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Larson's In, Laura's Out 

Welcome change at WBT

There's a new local sound back at last on WBT-AM's 9am-12noon weekday slot, and Keith Larson is the guy who's supposed to make things happen in Life After Dr. Laura.We chatted about a number of things, including how he hopes the "Keith Larson Show" will fit into Charlotte's radio landscape, and how he found his way back into radio after an absence of 12 years.

Larson comes to Charlotte from WVNN in Huntsville, Alabama, and sharp listeners know he did fill-in work on WBT in recent months. Larson had been in radio news and talk for 12 years when he took a different path, namely advertising, and did ad work for McDonald's out of Atlanta for the next 12 years. But he always wanted to get back behind the mike.

"I talk a lot on the air about this "return from the living dead,' and I'm not kidding. I was happy in advertising, but always wanted to get back to radio," Larson says. So he did, heading to Alabama two years ago, and now making the big market jump to Charlotte.

The obvious question, of course, is whether he'll line up with other parts of WBT's conservative on-air profile. Is Larson a conservative?

"I would hope that people would be thoroughly confused," he says. "Labels are for soup cans. The core of conservatism is prudence, which I believe in. But I do not pick positions based on someone else's label or jersey. People are much more alike when it comes to core issues."

Instead, Larson stresses that his daily show topics will spring from wherever his head leads him, as a "45 year-old married guy with three kids. I have lived a life outside radio, I have kids in the public schools, and pay taxes with my hard-earned money."

What does he think about the current radio talk show climate, where bombast sells, and rabble-rousing can be second nature?

"I hope I send a positive message. I'm not into throwing out polarizing statements just to make the phone ring."

And what was he listening to on the radio as he traveled to his new home? Not much. He had the Traveling Wilburys, Tom Petty, John Hartford, and The Who in the CD holder. Not bad.

More national TV shoots have been happening in the Queen City and just beyond. They'll be coming to a TV near you in coming months.Up in Davidson County, the colorful Sheriff Hege and company will be the focus of a Fox "Cops" episode shot recently. No airdates for that yet.

A pilot for the Food Network called "Food Fight" was shot at Dilworth's Bonterra restaurant June 22 and 23. The premise for this one is that two teams of regular folks are given two hours, 20 bucks, and a main ingredient. From there, each team has to come up with a feast. Charlotte's teams did well, and were judged by local high school culinary arts teachers. Plaza-Midwood's VanLandingham Estate was the setting for a recent DIY Network shoot for five shows called "Handmade Gifts" to air in the fall. They were hosted by Charlotte-based Vicki Payne and her daughter Sloan Payne-Rutter. Payne produces and hosts several craft and home improvement series seen on PBS stations nationally. "Food Fight" and "Handmade Gifts" are being produced by Tentmaker Entertainment.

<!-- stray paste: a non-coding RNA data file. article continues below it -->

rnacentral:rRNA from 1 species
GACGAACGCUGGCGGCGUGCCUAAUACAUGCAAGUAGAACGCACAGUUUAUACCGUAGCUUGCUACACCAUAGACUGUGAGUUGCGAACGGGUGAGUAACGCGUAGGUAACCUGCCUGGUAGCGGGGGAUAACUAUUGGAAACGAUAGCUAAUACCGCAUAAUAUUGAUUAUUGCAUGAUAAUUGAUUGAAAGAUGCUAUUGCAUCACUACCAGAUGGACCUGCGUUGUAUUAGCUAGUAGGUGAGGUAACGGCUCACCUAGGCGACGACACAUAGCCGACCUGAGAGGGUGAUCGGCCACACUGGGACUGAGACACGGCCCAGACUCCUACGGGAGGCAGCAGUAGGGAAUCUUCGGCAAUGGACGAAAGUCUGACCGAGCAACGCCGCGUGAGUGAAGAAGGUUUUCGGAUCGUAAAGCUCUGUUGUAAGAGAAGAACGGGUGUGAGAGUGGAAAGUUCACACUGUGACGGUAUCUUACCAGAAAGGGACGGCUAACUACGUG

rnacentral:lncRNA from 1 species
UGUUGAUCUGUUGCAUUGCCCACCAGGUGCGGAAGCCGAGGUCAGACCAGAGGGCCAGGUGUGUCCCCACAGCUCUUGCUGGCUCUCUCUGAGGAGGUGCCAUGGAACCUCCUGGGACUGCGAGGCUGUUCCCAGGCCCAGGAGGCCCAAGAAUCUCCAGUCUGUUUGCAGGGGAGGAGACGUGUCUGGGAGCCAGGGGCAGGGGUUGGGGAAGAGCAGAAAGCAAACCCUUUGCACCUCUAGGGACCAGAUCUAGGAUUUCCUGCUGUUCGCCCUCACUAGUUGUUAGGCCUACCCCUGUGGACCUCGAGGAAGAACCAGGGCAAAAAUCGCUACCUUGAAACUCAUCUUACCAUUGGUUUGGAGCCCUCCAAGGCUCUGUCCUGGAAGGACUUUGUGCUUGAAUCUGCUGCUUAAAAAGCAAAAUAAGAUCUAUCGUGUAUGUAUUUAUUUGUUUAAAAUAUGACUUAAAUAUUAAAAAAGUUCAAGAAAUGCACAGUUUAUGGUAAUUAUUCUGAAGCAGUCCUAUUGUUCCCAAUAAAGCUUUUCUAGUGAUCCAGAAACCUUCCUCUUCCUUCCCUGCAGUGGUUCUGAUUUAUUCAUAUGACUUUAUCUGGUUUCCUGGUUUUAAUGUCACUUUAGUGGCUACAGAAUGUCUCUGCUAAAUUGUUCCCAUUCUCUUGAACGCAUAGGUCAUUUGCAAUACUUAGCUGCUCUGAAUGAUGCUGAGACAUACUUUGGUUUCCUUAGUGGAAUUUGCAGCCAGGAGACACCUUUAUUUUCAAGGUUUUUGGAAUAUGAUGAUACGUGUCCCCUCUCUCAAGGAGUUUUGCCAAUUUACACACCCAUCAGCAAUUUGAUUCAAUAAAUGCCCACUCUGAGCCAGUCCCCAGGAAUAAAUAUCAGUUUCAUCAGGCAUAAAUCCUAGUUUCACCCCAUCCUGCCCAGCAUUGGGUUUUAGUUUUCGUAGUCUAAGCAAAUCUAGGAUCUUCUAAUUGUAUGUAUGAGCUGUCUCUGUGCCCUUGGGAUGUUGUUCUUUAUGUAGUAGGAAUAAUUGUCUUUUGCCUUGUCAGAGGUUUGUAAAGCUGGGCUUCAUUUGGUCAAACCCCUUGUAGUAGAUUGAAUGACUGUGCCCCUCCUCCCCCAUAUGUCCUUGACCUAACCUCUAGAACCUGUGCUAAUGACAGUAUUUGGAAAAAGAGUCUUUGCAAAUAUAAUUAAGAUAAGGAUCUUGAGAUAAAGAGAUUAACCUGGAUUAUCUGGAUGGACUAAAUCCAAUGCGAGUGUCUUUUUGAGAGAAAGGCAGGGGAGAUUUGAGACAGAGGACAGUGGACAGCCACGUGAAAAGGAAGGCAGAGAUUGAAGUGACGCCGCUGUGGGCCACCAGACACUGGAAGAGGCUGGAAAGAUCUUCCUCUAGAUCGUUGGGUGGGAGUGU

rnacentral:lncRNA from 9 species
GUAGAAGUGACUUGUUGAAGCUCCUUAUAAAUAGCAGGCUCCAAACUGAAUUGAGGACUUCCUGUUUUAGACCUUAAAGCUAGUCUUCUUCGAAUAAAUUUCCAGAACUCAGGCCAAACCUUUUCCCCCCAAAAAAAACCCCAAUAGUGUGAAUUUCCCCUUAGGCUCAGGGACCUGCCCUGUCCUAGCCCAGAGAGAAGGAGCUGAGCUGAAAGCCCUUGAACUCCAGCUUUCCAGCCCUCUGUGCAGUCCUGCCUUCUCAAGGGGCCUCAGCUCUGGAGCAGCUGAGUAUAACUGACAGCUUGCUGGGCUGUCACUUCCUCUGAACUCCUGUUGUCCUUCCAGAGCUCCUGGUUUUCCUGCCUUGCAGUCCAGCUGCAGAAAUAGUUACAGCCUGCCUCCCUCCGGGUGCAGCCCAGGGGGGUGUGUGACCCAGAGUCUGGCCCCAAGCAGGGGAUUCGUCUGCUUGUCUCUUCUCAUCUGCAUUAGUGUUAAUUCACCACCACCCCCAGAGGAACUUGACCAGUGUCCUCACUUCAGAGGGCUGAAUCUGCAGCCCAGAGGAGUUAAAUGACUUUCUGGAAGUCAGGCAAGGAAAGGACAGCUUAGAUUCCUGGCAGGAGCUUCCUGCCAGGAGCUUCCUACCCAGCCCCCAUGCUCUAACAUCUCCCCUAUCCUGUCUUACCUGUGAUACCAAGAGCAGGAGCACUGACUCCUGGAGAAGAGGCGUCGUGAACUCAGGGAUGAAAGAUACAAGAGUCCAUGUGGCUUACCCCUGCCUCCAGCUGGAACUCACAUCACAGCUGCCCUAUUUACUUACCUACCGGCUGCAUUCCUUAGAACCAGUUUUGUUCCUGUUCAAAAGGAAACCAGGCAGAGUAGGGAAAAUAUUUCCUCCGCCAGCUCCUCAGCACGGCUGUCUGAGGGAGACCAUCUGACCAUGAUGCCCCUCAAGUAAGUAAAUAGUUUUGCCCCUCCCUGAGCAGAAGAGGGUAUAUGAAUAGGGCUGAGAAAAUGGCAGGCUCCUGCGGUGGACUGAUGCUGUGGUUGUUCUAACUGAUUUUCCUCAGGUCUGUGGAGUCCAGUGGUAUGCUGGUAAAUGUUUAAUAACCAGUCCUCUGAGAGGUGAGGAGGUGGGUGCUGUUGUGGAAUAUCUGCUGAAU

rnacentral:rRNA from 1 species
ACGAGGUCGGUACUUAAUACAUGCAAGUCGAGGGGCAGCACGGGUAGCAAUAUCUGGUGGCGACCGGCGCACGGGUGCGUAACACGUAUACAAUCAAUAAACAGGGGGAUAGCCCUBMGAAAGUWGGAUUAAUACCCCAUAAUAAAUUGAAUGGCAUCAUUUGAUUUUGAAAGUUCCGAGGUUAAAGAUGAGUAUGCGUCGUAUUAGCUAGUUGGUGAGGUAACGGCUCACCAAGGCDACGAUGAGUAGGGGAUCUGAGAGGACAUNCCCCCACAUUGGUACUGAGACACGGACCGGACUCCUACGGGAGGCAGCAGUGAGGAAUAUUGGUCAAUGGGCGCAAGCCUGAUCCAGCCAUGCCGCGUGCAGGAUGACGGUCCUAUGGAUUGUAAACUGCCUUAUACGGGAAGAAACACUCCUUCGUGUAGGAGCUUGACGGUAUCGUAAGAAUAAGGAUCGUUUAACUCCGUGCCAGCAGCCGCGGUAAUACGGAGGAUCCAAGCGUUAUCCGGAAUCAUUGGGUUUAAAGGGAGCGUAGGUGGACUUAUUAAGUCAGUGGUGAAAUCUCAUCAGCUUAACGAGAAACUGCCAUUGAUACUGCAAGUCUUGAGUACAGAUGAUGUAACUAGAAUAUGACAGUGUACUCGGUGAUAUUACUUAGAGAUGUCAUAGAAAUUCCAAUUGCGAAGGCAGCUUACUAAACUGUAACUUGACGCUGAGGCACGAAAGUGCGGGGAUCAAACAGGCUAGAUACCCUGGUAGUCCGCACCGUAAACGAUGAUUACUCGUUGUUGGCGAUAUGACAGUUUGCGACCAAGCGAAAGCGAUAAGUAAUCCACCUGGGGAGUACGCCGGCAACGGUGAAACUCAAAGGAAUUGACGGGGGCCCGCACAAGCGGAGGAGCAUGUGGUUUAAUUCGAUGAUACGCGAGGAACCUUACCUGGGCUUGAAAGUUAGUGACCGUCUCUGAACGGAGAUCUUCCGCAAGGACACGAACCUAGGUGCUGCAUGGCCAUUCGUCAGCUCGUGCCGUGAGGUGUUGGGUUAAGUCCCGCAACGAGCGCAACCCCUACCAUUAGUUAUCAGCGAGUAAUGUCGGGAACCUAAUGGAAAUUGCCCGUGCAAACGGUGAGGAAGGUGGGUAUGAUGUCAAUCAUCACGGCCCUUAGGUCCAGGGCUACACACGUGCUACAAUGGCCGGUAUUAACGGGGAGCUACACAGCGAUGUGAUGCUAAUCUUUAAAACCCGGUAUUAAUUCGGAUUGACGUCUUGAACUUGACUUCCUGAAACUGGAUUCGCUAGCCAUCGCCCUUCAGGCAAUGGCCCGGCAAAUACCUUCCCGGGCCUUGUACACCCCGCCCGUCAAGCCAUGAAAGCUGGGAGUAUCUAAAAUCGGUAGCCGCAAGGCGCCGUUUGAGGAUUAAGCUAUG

I've been hearing plenty of feedback from you, the home (and Internet) reader, about News 14 Carolina, the new cable outfit for Time-Warner Cable subscribers.

Overall, your reviews have been fairly positive, from viewers to newsroom competitors across town. Here's a quick sample:"Love all that weather, so I don't have to wait around. But where are the radar maps?"

"The on-air readers look small-time, but I like the convenience of getting it (news) when I want it."

"The Other News Brothers in town have nothing to worry about, but they do have a slick look."

"A breath of fresh air."

Upon watching a bit more, my growing gripe about News 14 Carolina is the relatively low story count, bogged down by more graphics than meat in their news sandwich.

The show that celebrates the best of North Carolina authors is back with a new season on UNC-TV starting July 7. "North Carolina Bookwatch" will feature an Oprah book club author, a former White House adviser, an historian, a first-time author and a New York Times best seller among others in the 12-week run. D.G. Martin is the host, and the series will begin with a chat with Michael Malone, author of Red Clay, Blue Cadillac: Stories of Twelve Southern Women. In weeks to come, you'll also meet Chapel Hill's Elizabeth Spencer (July 14), Meredith College professor Thomas Parramore (July 21), and Raleigh psychologist Lucy Daniels (July 28). "North Carolina Bookwatch" runs Sundays at 5pm.

Since you asked, NBC6 Sheree Paoello has left the station. She's gone home to Cincinnati and station WLWT.

Local TV and music communities are remembering Ken Linker, who died of cancer June 16. Linker's musical variety shows were on various Charlotte TV stations for over 30 years, most recently on Time Warner's cable access channel. There are still a few unaired shows that will be shown as a tribute in coming weeks on Access 21.Stay tuned and have a happy Fourth.

Shannon Reichley is the executive producer of "Talk2DIY" on the DIY cable network and former news manager at WBTV. E-mail her with story tips and feedback at

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